Transrectal ultrasonographic diagnosis of jejunoileal intussusception in a cow
© The Author(s) 2007
Published: 1 July 2007
Intussusception is defined as the invagination of a portion of bowel into the lumen of the adjacent segment of bowel . Intussusception, one of the causes of intestinal obstruction, is not a common gastrointestinal condition in cattle [12, 15, 16] and is usually seen in calves less than two months old . The cause of an intussusception is often unknown but any condition that alters intestinal motility has been implicated [1, 5]. It is suggested that intussusception can represent a diagnostic challenge in cattle medicine. History, clinical and clinicopathologic examinations are important in the diagnosis of intussusception [5, 14]. Although ultrasonography has been commonly used as a diagnostic tool to detect internal diseases of large animals, there is limited ultrasonographic data demonstrating intussusceptions in cattle [4, 7, 3]. This case report describes a small intestinal intussusception in a cow and the transrectal ultrasonographic view of the lesion.
The cow was slightly dehydrated. Haematocrit value, total serum protein and fibrinogen concentrations were 36% (reference range 24-46%), 7 g/dl (reference range 6.7-7.5 g/dl), and 600 mg/dl (reference range 100-600 mg/dl), respectively. Clinical pathology revealed that there was a mild hyperglycemia (5.1645 mmol/L; reference range 2.4975-4.1625 mmol/L), hypocalcaemia (1.675 mmol/L; reference range 2.425-3.1 mmol/L) and a slight hypochloraemia (93 mmol/L; reference range 97-111 mmol/L). Serum urea, creatinine, potassium and sodium concentrations were all within the normal range.
Different types of intussusception have been recognised in cattle such as enteric, ileoileal, ileocecocolic, cecocolic and colocolic. Among these types, the enteric type of intussusception which occurs with invagination of one segment of the small intestine into another (usually distal jejunum or the ileum), is the most common form in cattle [17, 5]. Enteric intussusception was diagnosed in this case. Although the majority of intussusceptions are idiopathic, intussusception may result from enteritis, intestinal parasitism, abrupt dietary changes, drug-induced changes in intestinal motility, mural or luminal intestinal lesions and foreign bodies [8, 17, 18, 11, 10, 5]. The prevalence of enteric intussusception in cattle has been attributed to the length and mobility of the jejunal mesenteric attachments, especially the distal third . Based on history, clinical examination findings on laparotomy and pathological findings, the cause of intussusception couldn't be determined in this case.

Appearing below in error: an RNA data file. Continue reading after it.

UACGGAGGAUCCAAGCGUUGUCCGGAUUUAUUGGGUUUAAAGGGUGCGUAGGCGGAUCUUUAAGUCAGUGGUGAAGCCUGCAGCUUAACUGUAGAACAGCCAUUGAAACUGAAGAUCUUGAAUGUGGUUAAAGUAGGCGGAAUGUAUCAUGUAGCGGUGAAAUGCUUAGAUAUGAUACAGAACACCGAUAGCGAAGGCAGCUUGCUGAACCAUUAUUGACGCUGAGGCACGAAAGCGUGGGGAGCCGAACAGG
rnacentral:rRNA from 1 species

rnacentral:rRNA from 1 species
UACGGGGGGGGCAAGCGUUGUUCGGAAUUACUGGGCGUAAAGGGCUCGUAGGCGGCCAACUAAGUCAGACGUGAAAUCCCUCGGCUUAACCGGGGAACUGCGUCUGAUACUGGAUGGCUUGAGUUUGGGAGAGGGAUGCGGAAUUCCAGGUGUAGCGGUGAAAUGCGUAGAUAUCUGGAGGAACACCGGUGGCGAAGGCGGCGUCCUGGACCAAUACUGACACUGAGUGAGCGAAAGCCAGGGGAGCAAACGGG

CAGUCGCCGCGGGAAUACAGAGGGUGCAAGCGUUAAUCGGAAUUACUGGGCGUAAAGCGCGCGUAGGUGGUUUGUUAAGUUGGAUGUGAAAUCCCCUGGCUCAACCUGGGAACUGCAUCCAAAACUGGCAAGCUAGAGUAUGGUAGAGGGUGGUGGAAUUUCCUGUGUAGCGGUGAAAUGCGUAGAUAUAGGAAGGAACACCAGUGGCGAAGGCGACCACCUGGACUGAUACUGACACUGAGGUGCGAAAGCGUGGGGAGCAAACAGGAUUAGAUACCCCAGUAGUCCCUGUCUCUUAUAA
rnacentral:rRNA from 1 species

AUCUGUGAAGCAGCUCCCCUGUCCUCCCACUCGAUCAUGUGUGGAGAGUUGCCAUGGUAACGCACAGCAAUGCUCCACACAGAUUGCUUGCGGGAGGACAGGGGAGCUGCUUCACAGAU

Classic signs of intussusception are, initially, either chronic low grade pain or acute signs of abdominal pain, followed by progressive inappetence, abdominal distention, a reduction in faecal volume and lethargy . The cow showed slight signs of colic, anorexia, lack of defaecation and lethargy but no abdominal distention. In the diagnosis of small intestinal obstruction, rectal palpation is considered valuable. Although intussusception is palpable in only a minority of affected adult cattle (23%), distended loops of small intestine are palpable per rectum in 50% of cases with intussusception . In this case, while the intussusception was diagnosed on the rectal examination, neither rectal palpation nor ultrasonographic examination of the right flank revealed distended loops of small intestine.
The transabdominal ultrasonographic pattern of an intussusception in cross-section has been described as 'bowel within bowel', a 'bull's eye' lesion, 'target pattern' or as a multiple layered, 'onion ring-type' mass with varying echogenities [2, 3]. In longitudinal section, the typical lumen-within-a-lumen can be clearly identified and has been described as a 'sandwich' configuration . Abdominal ultrasonography was attempted using a 3.5 MHz curved array with a maximal penetration depth of 17 cm, but the lesion could not be imaged probably because of the depth of the lesion.
Transrectal ultrasonography has also been employed to diagnose intussusceptions in equine medicine. The transrectal ultrasonographic pattern associated with the intussusception varies in respect to transducer placement. It has been suggested that while the target-like configuration is obtained on a transverse section of intussusception, longitudinal ultrasound views of the intussusception reveals several echogenic parallel densities and a hypoechogenic core . In the present case, there were several echogenic parallel densities with a hypoechogenic central core representing the intestinal lumen of the intussusception. Moreover, hypoechogenic densities were evident in parallel with hyperechogenic areas. The transrectal ultasonographic findings of the case are similar to those described by Edens et al. . The hyperechogenic densities indicate the bowel walls. Hypoechogenic parallel linear densities interspersed among hyperechogenic areas probably correspond to oedema. Lack of faecal output, signs of abdominal pain, the palpation of a firm mass on rectal examination and especially the transrectal ultrasonographic pattern of the lesion led to the suspect diagnosis of intussusception requiring immediate exploratory laparotomy. Small intestinal intussusceptions are surgically repaired by means of resection and end-to-end anastomosis in both cattle and horses [2, 5, 6, 9], because end-to-end anastomosis causes less chance of stricture formation and leakage . This technique was preferred in this cow and no complications were observed. In conclusion, transrectal ultrasonography can be a valuable diagnostic tool in cattle that have a palpable mass on rectal examination.
We express our deep appreciation to Associate Professor Murat Dabak and Professor M. Resat Ozercan.
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